The Courteeners are getting ready to release their new, dark-yet-hopeful studio album Anna . Coming nearly three years after Falcon, Liam Fray talks of its arrival, the band's journey back from 'the wilderness,' and about who Anna actually is.
Anna doesn't sound like something The Courteeners have done before...
It definitely feels like us, I think because we took so long doing it. Playing it, people are like, "Oh my god, is this you guys? It sounds great!" That could be a really bad thing [laughs]. The reaction from everyone has been absolutely unbelievable, really humbling. We thought, "Lets just go away and make a really good record - no nonsense, no silly interviews. Let music do the talking." There's a song called 'Marquis' that's personally one of my favourites.
What's it about?
'Marquis' is about a serious relationship that ended last year. It was pretty difficult. I also broke my ankle in the middle of doing the album, so it was on hold for a while. It was a down period, which brought one slow string song, then ten.
Is Anna your ex-girlfriend?
Anna is definitely not her name. Anna is anyone. She represents someone of the opposite sex that causes you heartache, lust, love. All of the above, at the same time.
I'm intrigued by the album artwork...
Yeah, a friend of mine said to check out Paul X Johnson. And when I saw that one I was like, "Right, that's it, I don't care, we have to get it." I was like "Can we call her Anna?" and he was like, "Of course, man."
It's just got such a cinematic feel; it's elegant and dark, kind of stoney, but also quite beautiful in parts. This embodies the whole record for me.
You're releasing 'Lose Control' on the 28th January. Why this track first?
It's the most different thing we've ever done. You have to come back and stamp some kind of authority on the situation. We never want to plateau, so we're just pushing ourselves. It's a bigger song than we've probably done before. It sounds different, and energetic, and the lyrics have dark undertones.
Tell me about 'Are You In Love With A Notion'.
It's that sensation where you do fall in love with a notion. It's difficult not to. It's about quitting your job at Debenhams, running away, and getting married in the sun. And then at the end he's gone off on his pedalo, and he's cramping from frantic pace.
I don't think people see us as funny, but there is a bit of humour in there. I think people feel we're quite serious, with the same faces as our press shots.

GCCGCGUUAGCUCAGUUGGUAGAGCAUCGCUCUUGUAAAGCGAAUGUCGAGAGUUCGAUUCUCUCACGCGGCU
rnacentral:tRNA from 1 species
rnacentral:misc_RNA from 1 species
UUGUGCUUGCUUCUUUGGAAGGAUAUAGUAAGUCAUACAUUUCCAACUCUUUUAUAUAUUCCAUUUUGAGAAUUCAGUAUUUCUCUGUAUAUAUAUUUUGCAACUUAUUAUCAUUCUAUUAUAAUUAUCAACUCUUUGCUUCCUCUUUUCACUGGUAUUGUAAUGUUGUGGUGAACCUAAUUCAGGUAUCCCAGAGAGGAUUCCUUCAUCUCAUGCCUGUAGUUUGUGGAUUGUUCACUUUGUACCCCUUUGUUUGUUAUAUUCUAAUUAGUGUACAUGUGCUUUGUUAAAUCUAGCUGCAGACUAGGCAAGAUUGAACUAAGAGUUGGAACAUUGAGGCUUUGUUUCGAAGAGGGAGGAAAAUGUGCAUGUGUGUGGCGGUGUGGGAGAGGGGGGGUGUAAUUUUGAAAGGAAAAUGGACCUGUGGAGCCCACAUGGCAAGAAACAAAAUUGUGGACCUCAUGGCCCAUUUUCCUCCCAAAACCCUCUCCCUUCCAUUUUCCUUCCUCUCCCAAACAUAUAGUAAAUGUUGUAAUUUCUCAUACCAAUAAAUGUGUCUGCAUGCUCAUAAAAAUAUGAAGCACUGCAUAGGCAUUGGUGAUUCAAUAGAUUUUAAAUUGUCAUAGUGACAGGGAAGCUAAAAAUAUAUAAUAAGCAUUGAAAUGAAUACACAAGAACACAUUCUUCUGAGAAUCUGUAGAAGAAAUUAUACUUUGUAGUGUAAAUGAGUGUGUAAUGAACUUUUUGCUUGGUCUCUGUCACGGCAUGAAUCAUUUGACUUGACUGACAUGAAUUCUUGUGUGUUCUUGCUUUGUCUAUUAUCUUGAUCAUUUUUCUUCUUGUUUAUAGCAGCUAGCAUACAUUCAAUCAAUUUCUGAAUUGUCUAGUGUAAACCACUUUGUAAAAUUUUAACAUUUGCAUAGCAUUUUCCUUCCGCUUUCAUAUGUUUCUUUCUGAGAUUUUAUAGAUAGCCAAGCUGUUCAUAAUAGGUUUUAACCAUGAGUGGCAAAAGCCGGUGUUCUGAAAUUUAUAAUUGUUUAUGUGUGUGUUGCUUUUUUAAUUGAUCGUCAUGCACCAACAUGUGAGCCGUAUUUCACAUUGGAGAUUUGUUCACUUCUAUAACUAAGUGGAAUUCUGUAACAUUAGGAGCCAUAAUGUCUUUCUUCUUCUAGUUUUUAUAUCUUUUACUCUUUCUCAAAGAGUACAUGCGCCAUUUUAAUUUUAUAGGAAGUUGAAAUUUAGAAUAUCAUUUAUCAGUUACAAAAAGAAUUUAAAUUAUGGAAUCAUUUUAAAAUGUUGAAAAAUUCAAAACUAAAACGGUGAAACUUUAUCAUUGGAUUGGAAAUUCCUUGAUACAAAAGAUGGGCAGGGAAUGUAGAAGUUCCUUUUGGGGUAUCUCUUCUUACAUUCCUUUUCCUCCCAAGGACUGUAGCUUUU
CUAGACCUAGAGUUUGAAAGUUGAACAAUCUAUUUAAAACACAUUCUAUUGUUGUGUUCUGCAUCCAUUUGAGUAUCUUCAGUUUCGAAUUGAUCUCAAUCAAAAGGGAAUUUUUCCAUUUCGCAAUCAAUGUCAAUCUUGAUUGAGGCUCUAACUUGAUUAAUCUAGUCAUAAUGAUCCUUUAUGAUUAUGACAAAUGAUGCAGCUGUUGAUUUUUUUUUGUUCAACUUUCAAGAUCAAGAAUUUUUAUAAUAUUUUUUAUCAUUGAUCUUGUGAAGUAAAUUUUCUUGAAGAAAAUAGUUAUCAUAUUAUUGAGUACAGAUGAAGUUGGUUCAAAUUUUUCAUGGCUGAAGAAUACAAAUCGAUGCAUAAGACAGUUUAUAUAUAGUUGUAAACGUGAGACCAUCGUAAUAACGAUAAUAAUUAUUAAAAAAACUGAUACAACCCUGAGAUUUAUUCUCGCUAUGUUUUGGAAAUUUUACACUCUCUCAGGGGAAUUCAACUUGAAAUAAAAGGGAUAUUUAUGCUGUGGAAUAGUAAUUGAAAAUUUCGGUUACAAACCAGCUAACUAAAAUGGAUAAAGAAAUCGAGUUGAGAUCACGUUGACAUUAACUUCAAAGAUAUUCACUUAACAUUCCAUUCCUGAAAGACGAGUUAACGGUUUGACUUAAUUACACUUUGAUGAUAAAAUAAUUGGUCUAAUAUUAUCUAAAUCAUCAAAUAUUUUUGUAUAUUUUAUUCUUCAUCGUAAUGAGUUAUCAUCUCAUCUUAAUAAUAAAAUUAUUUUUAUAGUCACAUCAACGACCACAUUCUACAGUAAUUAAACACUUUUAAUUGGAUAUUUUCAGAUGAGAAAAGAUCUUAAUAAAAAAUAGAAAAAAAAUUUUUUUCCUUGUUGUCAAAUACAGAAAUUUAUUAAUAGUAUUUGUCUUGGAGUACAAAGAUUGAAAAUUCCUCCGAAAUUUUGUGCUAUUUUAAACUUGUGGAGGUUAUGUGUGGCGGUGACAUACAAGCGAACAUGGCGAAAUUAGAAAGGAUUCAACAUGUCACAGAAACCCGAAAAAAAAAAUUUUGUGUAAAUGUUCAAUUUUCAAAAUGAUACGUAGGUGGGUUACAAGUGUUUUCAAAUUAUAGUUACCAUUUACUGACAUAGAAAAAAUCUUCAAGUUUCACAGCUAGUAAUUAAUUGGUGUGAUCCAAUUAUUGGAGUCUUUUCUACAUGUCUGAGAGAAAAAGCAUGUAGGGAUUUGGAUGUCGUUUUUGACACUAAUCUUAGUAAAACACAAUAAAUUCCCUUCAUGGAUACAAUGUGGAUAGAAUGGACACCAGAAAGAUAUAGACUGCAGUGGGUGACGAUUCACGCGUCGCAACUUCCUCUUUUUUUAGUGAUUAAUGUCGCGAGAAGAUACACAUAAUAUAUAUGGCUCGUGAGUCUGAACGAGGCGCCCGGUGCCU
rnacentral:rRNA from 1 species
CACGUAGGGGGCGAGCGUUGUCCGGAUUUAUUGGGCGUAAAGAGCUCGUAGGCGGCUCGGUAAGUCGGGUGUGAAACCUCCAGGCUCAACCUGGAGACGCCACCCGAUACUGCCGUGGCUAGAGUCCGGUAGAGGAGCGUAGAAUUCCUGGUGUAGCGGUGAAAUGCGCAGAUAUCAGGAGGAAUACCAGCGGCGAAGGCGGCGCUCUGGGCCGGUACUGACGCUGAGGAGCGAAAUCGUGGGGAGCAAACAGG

The track reminded me of Pulp's 'Common People,' but in reverse.
That's so weird. We have a video somewhere - before anyone ever said this - of me singing an alternative version, doing a little Jarvis dance with my blazer on. It was hilarious. As I was singing I was like, "This could be a Pulp song!" I didn't say it in any interviews, I've not said it to anybody, and I'd say that you're like the seventh or eighth person to say that, which is not a bad thing. I love Pulp. They are the mighty Pulp in my eyes.
Is this album the best work you've ever done?
Without a doubt. We knew that very early on as well. It was quite clear when I got together like seven or eight of the songs in one batch. When I listened to the demos I was like, "These could be really, really strong here." So, yeah, it was a really exciting record for us to make.
With this album you say you've 're-arrived'. What does this mean exactly?
We're ready for it again, and people are hopefully ready to come with us. I feel like people need to bring their drinks round again and get the party started. And I really feel like this is a Saturday night record, where its like "Right, we'll stick that on, we'll have a great time."
We're aware things are pretty bleak for a lot of people, working hard in jobs they don't like just to make ends meet. If we can provide one little tiny slither of relief, whether its this record or at one of the shows, that's a great thing to be a part of, that kind of hour and a half where people just absolutely let go and go for broke.
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